Before discussing the question of the congressional sanction given to this condemnation, we may advert again to considerations upon which we would not think it necessary to dwell, except for the insistence of counsel upon them.
We see no merit in the point sought to be made that the owner of the lands cannot object to the condemnation becaue its former owner had conveyed a large tract of land of which the lands sought to be condemned were part. The power of eminent domain is a sovereign power which can neither be conferred nor taken away by the owner of the land, nor does his willingness to convey part of his land confer the power to condemn what he has retained.
This argument is in line with that before pressed upon us, that the owner could not be heard to object to the condemnation because she had at an earlier date contracted to sell the condemned lands.
It is likewise true that the owner of this land benefited in a real sense by this government project. It is doubtless true that she was thereby enabled to sell 3,00 acres of what otherwise would have been unsaleable lands. It may likewise turn out, and probably will, that if this land is condemned the owner will receive two or three times any price which without this project could have been obtained for it. It may be, and doubtless is, that the project in question is a highly commendable one, big with public blessings. It may be that the respondent is ungracious in opposing condemnation, but we do not see in this any right of a power to condemn. The sole question is whether the condemnation has congressional sanction.
This is a motion to quash. It is a demurrer maneuver. The averments of the petition must on this motion be accepted as true. The petition avers that the land is condemned "for use as a public park and recreational area," authorized by the Act of June 16, 1933, 48 Stat. 200, § 201 et seq., 40 U.S.C.A. § 401 et seq., and by Executive Order No. 7496, issued November 14, 1936. The carrying out of the provisions of this act and the Emergency Relief Appropriation Acts of 1935, 49 Stat. 115, 15 U.S.C.A. § 728 note, and of 1936, 49 Stat. 1608, 15 U.S.C.A. § 728 note, were committed to the Secretary of the Interior, who was thereby authorized and empowered to acquire the necessary lands by purchase or condemnation; provision for the payment of which having been made by the appropriations of moneys for this purpose. To these the Act of June 29, 1937, 15 U.S.C.A. § 728 note was added by amendment. It is further averred that the Secretary of the Interior acted in pursuance of the authority conferred upon him. The proceeding instituted is under the Act of August 1, 1888, 25 Stat. 357, 40 U.S.C.A. § 257, 258.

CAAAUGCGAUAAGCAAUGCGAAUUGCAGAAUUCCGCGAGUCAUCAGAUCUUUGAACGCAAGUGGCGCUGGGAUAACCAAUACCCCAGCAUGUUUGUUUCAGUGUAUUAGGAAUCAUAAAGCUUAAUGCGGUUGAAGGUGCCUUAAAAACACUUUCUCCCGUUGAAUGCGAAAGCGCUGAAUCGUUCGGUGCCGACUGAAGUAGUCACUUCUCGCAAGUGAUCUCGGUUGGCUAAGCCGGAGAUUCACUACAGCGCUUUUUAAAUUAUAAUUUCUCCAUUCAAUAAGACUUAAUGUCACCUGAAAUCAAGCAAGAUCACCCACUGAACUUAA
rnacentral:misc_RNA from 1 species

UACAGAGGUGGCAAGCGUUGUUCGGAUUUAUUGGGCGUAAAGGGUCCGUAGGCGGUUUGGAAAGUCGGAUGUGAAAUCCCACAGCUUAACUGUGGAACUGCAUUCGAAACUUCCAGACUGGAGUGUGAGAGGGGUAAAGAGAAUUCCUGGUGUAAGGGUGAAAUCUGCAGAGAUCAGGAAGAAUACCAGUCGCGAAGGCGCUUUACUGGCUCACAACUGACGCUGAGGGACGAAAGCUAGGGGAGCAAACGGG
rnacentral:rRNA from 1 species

We regret that the limits of an opinion do not permit a review in detail of the argument addressed to us in support of the motion to quash. It is a logically constructed argument and the briefs pro and con really helpful ones giving us the necessary information without being overloaded with extraneous matter.
The limits of this already overlong opinion will not admit of a detailed consideration of the argument addressed to us by counsel for the landowner. We content ourselves with the statement of some very general observations and of the conclusion which we have reached. We recall to mind what it is of which we are in quest. It is whether Congress has sanctioned the condemnation of these lands. There is this distinction to be observed. The Executive may contract for the conveyance of lands to the United States. His authority to so do may be denied and brought in question. If unauthorized to acquire title, he clearly cannot condemn. If, however, he is so authorized, then he may confemn. If Congress appropriates moneys to pay for the lands, this is a sanction of the acquisition. The French Creek project has this sanction. The needed moneys have been appropriated and in large part expended. Indeed, the petition tenders in payment for the condemned lands the price at which the owner had at one time agreed to sell them. The owner acquiesced in the authority of the Secretary to acquire these lands by conveying to the United States 3,000 acres of the same tract, the consideration for which was paid. To hold all this was unauthorized would work confusion.
The point, however, is that the appropriation of the money already expended and authorized to be further expended argues that the project and the acquisition of land in furtherance of it has received the sanction of Congress. This drives counsel to take their stand upon the proposition of the unconstitutionality of these sanctioning acts. For this position the case of Township of Franklin, Somerset County, v. Tugwell, 66 App.D.C. 42, 85 F.2d 208, is relied upon. That case may be easily distinguished from this, but we decline to go into this constitutional question, adhering to our often-announced view that a court of limited territorial jurisdiction should not rule an act of Congress to be unconstitutional, unless there is no room for a difference of opinion. The reason is that if different views prevail there is created the intolerable situation of an act of Congress being the law in one or more districts and a nullity in others. Doubful questions of constitutionality should be left to the appellate courts. Here, the question could not be said to be free from doubt.
The motion to quash is ...